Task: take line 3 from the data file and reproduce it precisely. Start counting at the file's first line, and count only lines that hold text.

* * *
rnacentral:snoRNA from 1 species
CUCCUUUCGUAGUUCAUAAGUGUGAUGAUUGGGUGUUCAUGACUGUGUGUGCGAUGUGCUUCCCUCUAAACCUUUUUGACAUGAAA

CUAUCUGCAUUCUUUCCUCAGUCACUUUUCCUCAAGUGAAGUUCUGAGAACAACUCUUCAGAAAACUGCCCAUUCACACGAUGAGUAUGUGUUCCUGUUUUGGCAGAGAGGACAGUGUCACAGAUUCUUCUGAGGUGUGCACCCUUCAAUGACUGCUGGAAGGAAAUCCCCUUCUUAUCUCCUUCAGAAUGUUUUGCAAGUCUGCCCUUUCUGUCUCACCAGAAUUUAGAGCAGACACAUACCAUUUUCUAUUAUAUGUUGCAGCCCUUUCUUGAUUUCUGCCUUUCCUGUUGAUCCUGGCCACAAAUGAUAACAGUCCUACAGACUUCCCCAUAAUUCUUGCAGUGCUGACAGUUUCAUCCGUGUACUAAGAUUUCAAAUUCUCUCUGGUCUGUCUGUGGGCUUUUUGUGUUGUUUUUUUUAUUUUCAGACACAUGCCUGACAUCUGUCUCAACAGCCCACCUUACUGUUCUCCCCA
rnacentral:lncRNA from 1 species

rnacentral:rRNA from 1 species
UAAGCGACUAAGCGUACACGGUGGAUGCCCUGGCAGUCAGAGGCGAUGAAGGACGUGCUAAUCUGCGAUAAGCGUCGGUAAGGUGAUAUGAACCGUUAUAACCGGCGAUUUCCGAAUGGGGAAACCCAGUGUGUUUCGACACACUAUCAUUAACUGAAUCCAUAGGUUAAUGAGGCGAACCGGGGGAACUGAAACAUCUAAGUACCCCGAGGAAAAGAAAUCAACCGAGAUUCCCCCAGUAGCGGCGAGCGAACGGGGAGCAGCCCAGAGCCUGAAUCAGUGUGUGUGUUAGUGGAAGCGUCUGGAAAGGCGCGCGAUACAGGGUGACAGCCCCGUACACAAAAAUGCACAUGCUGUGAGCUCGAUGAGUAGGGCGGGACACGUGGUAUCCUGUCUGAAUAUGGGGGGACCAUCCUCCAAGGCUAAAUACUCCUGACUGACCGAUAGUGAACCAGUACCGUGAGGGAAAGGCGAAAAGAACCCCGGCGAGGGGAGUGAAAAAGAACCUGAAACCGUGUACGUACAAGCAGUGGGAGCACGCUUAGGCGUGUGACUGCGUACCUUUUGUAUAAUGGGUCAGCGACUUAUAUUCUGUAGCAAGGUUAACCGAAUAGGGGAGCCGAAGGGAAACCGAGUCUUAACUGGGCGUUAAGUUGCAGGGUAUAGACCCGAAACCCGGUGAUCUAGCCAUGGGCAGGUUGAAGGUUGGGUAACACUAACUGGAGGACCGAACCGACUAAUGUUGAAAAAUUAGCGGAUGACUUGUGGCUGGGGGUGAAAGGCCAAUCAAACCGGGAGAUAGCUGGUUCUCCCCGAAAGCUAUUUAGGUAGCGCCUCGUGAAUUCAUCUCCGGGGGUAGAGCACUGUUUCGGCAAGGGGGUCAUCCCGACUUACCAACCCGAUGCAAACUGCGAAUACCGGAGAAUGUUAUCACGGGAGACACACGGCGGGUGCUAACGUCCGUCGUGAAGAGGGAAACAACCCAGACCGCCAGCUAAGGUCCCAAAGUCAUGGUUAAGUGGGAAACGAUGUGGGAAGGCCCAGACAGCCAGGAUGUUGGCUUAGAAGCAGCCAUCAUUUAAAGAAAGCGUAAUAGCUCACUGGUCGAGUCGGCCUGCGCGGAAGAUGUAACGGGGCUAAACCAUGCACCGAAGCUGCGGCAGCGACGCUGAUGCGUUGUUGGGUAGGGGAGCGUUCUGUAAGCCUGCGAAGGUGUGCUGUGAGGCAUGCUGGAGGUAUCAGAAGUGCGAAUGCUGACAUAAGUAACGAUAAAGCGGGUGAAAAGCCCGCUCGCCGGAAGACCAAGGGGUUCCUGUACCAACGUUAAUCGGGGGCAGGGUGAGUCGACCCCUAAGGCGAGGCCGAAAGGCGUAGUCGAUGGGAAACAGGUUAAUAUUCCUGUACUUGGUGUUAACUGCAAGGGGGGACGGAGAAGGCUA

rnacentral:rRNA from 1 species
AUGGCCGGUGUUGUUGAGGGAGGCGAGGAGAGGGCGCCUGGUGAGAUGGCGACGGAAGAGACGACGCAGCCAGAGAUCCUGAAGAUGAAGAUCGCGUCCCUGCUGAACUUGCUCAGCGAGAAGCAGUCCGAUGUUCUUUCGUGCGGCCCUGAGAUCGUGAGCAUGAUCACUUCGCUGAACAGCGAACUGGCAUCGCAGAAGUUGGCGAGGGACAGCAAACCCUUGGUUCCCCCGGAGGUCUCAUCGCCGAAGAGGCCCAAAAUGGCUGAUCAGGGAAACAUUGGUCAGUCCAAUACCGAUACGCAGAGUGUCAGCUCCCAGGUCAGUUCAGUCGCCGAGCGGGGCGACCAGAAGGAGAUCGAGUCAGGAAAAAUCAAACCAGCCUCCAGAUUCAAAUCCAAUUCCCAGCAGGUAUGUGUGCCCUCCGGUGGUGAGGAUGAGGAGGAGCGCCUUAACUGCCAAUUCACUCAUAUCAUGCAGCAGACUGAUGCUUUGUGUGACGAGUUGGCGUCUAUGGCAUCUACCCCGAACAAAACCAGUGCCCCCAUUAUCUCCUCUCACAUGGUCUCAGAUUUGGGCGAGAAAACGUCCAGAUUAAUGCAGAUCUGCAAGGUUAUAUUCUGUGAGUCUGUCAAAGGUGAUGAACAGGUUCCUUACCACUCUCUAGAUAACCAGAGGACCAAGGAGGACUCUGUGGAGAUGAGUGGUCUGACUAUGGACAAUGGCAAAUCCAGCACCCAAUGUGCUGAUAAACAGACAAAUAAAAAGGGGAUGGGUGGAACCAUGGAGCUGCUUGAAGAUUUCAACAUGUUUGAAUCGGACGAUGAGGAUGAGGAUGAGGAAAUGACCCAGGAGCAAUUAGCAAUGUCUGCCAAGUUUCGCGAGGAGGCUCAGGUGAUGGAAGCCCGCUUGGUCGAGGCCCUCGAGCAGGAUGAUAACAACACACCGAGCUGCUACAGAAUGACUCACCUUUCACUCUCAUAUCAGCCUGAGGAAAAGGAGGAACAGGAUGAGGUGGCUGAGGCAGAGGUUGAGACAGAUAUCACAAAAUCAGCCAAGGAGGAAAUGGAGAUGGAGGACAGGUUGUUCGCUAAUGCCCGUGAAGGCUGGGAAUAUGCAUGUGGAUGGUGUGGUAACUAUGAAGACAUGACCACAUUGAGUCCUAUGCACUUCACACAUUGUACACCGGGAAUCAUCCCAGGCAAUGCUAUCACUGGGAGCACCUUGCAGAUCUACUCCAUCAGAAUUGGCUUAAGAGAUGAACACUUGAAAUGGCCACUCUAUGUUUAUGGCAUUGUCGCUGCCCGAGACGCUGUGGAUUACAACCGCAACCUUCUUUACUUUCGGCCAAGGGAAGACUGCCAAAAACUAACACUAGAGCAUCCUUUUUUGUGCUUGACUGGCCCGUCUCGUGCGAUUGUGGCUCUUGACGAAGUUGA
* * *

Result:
CUAUCUGCAUUCUUUCCUCAGUCACUUUUCCUCAAGUGAAGUUCUGAGAACAACUCUUCAGAAAACUGCCCAUUCACACGAUGAGUAUGUGUUCCUGUUUUGGCAGAGAGGACAGUGUCACAGAUUCUUCUGAGGUGUGCACCCUUCAAUGACUGCUGGAAGGAAAUCCCCUUCUUAUCUCCUUCAGAAUGUUUUGCAAGUCUGCCCUUUCUGUCUCACCAGAAUUUAGAGCAGACACAUACCAUUUUCUAUUAUAUGUUGCAGCCCUUUCUUGAUUUCUGCCUUUCCUGUUGAUCCUGGCCACAAAUGAUAACAGUCCUACAGACUUCCCCAUAAUUCUUGCAGUGCUGACAGUUUCAUCCGUGUACUAAGAUUUCAAAUUCUCUCUGGUCUGUCUGUGGGCUUUUUGUGUUGUUUUUUUUAUUUUCAGACACAUGCCUGACAUCUGUCUCAACAGCCCACCUUACUGUUCUCCCCA